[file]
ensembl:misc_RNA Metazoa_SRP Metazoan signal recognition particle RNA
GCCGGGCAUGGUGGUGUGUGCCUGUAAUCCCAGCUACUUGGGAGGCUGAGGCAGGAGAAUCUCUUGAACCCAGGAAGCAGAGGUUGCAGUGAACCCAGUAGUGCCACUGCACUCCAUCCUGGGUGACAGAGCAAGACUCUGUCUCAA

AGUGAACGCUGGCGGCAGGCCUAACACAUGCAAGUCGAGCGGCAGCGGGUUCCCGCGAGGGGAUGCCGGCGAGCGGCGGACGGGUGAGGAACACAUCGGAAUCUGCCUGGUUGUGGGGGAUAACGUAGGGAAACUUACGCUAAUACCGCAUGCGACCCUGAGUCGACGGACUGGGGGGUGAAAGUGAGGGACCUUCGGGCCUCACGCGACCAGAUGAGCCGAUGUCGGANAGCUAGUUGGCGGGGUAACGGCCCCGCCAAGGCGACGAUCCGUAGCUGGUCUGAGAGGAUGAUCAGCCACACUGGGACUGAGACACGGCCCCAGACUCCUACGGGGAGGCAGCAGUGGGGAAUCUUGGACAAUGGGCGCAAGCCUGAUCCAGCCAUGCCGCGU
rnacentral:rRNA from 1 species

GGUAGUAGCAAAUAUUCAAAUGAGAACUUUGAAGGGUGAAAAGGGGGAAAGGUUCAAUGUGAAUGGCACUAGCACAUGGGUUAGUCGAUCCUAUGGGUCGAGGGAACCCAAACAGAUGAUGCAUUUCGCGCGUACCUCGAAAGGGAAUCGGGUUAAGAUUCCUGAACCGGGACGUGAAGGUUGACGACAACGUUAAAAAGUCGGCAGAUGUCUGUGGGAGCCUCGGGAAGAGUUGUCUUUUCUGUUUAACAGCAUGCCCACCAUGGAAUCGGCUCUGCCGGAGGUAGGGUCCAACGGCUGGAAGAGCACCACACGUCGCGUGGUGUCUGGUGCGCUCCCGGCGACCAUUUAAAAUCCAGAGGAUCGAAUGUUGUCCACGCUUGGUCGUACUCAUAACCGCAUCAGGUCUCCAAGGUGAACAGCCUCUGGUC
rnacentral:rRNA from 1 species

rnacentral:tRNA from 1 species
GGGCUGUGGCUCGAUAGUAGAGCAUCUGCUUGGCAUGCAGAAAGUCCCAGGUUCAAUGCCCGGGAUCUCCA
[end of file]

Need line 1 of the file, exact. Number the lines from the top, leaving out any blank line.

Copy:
ensembl:misc_RNA Metazoa_SRP Metazoan signal recognition particle RNA